Chile trip report


Over a year ago, my friend Ken Godowski and I began considering a trip to South America to climb a high peak in the Andes. We wanted to climb a 6000 meter peak (approximately 20,000 feet) by a relatively straightforward route since neither of us had climbed to that high of an altitude before. After doing some research, we decided to go to Chile because of it’s natural beauty, political stability, and it’s selection of numerous non-technical 6000m peaks.

After some additional research, we selected Cerro Tupungato, also known as Volcan Tupungato, (6570m, or 21,555 feet) as our primary objective, and Plomo (5424m, or 17,795 feet) as a warm-up climb. There are two peaks in the area with the name “Plomo”, one is El Plomo and the other Cerro del Plomo. Two separate guidebooks refer to the same 5424m peak by both names, so there is some confusion as to the proper designation for the peak we climbed.

Several web pages proved very useful in selecting our objective and planning our trip. Once on the mountain, we found that some of the details in the web pages were slightly off, such as altitudes and directions, but the following web pages were nonetheless useful:

We chose Tupungato as our primary objective for four main reasons. First, Tupungato is a 6000m peak with a non-technical route to the summit. Second, even though Tupungato is the highest peak in central Chile, it sees only a moderate amount of climbing traffic. The only peak higher than Tupungato in the region is Aconcagua, to the North in Argentina (the highest peak in the Western Hemisphere). Although Aconcagua also has a non-technical route to the summit, the peak is quite crowded, and there is a climbing fee of $500 per climber. A third reason for choosing Tupungato was the Rio Colorado river valley, providing access to the peak from the West – it is one of the prettiest mountain valleys in the Andes. And fourth, the nearby El Plomo, a popular peak near Santiago, provides a convenient and historically interesting warm up climb. In 1954 the peak was made famous when the mummy of an Inca child was discovered in an ancient structure near the summit

Tupungato also has a bit of interesting history, and mystery, surrounding the crash of the British passenger airplane “Stardust” in 1947 The last message sent from the plane just minutes before it’s expected landing in Santiago, “STENDEC”, was repeated a total of 3 times by the plane’s radio operator before communications with the plane were lost. The meaning of the enigmatic word “STENDEC” has never been explained.

By September of 2004 our final group was comprised of Ken Godowski, Jeff Mitchell, and myself. All three of us worked at the same company in Fort Collins CO (QLT USA, Inc.) and had done many climbs and backpacks together. After finalizing our group, we purchased our plane tickets and began to organize the logistics of the trip.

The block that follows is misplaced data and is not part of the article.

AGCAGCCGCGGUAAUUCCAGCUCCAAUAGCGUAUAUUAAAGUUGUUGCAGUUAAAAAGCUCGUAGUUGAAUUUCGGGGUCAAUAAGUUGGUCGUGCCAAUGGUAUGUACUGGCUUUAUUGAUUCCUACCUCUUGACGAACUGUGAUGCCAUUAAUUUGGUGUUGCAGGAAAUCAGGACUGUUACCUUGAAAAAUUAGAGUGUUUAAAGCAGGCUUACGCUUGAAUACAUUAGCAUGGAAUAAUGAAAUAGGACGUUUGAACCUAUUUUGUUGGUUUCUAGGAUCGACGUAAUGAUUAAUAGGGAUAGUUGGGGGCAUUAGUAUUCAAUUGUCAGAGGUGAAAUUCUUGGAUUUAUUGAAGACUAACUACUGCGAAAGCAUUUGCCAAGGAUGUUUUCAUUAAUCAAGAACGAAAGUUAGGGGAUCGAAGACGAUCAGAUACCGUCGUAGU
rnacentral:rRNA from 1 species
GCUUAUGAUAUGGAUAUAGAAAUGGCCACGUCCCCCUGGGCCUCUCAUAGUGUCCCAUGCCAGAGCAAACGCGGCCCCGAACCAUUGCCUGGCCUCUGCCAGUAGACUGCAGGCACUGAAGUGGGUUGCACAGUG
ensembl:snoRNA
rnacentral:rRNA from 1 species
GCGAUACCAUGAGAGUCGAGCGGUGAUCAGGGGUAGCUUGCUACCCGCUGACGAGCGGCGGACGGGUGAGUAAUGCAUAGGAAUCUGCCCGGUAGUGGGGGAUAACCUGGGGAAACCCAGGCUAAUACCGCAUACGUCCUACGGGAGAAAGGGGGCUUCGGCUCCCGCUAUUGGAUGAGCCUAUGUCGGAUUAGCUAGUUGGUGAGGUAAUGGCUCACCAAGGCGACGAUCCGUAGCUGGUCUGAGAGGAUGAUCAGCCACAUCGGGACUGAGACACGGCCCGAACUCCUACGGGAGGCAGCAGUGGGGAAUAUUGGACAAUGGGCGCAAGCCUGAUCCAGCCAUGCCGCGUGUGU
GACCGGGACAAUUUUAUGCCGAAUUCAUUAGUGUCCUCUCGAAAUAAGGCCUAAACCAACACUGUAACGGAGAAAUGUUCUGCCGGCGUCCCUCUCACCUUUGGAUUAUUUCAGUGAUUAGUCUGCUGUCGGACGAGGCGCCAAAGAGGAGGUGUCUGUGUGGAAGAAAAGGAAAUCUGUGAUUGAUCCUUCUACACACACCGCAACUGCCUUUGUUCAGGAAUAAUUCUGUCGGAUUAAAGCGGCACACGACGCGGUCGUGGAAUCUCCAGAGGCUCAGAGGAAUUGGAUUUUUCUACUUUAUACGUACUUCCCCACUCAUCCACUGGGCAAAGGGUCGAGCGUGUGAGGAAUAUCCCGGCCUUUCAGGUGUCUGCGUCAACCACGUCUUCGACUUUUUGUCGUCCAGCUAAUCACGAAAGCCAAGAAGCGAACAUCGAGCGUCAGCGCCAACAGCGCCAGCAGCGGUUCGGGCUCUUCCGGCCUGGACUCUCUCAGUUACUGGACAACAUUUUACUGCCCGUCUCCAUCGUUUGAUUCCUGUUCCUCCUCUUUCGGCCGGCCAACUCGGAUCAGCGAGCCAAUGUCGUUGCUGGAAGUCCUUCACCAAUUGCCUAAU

Because parts of the Rio Colorado river valley belong to the Chilean Army and the power company Gener, permits were required to access the trailhead and approach Tupungato (permits from Difrol, the Chilean Army, and Gener). After an unsuccessful attempt to procure the permits ourselves, we contracted with a Chilean guide service, Andes Mountain Expediciones, to acquire our permits, arrange our mule service, and provide ground transportation to and from the trailheads. We provided all our own equipment, and planned and executed the climbs ourselves. Hiring a guide service to help with a few key logistics helped tremendously, and was relatively inexpensive compared to a fully guided trip.

The mules were needed in particular for the Tupungato climb as we could not have carried two weeks worth of food and all of our mountaineering equipment ourselves. We also used mules for the El Plomo climb, which although not necessary, made the approach and return hikes from base camp much more relaxing and enjoyable. Andes Mountain Expediciones also acquired topographic maps of Tupungato for us, which can be time consuming to obtain. We used the maps along with GPS units to confirm our location, bearings, and mark key waypoints along the climbs.



Our climb of El Plomo began with a day and a half approach to base camp starting from the La Parva ski area. We met up with our arriero, or cowboy, named Eduardo (Lalo for short) at the ski area, loaded up the mules, and began our hike. After passing the multiple roads and trails of the ski area, the trail went over a high pass and then down past a pond (laguna), becoming much easier to follow (Photo D-00715). We first camped at Piedra Numerada, a pretty site near a pond at 3405m (11,170 ft.) in the Rio Cepo valley (Photo D-00763, D-00769). On the second day we hiked up the valley for about 4 hours to our base camp on a large flat area below la Olla, at about 4100m (13,500 ft.) (Photo D-00779, D-00787). We made arrangements with Lalo to come back to base camp in two days with the mules.